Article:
High Hampton Inn & Country Club, listed on National Register of Historic Places, is a venerable resort that has been drawing visitors to the North Carolina mountain town of Cashiers since 1922. At 3,200 feet, even during the summer months, the air is clean and cool; but be sure to pack a sweater for spring and fall; and winter here can be magical. It is a rustic property harkening to the Catskill resorts of yesteryear. Having no telephones or televisions in the guest rooms adds to the experience. The all-wood dining hall might make you think you are indeed back at summer camp. Food service is buffet.
There’s golfing in spectacular beauty. Pines, hemlocks and mountain laurel line the fairways of this 6,012-yard, George W. Cobb-designed course whose par 3, 137-yard, 8th “island” hole claims the honor of being named “One of America’s Greatest Golf Holes” according to Golf Digest.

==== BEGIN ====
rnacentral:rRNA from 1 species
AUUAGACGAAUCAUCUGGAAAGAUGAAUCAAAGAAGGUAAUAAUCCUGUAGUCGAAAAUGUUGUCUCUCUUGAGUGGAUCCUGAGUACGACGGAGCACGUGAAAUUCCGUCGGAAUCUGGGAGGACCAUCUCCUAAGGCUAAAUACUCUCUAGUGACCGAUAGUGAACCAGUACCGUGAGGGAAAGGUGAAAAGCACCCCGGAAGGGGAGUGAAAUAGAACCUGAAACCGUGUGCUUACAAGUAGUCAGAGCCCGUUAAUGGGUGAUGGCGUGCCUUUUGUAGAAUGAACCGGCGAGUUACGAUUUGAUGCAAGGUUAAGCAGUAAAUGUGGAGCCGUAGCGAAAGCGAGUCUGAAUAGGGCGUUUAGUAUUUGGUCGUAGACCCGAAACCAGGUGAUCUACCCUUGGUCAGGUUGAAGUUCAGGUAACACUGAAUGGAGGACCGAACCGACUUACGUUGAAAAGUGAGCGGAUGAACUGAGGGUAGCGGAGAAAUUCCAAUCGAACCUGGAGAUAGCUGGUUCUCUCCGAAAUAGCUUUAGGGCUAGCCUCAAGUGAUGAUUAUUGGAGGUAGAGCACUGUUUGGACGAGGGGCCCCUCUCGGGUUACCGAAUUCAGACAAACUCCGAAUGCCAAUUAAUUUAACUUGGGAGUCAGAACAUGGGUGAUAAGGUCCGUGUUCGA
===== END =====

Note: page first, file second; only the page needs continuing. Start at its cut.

In addition, there’s swimming, boating, and fishing on the 35-acre lake (that’s a photo of it above), rocking chairs on the porch, hiking trails, children’s programs, tennis, gardens to explore (like the dahlia garden where blossoms are harvested daily for displays throughout the resort, and guests are even invited to take some back to their rooms - vases and clippers are loaned out). There are even time-honored customs like afternoon tea and dressing for dinner - coat and tie required.
Yet like all resorts that want to keep abreast of visitor’s needs, High Hampton Inn has recently added a spa and fitness center, which is a quick drive away from the main resort. In what might seem like an afterthought to some, because the space is openly shared with the fitness center (photo above), anyone venturing beyond the open gym atmosphere and reception desk, to pass through the doors to the spa area, will find that a delightful diversion awaits.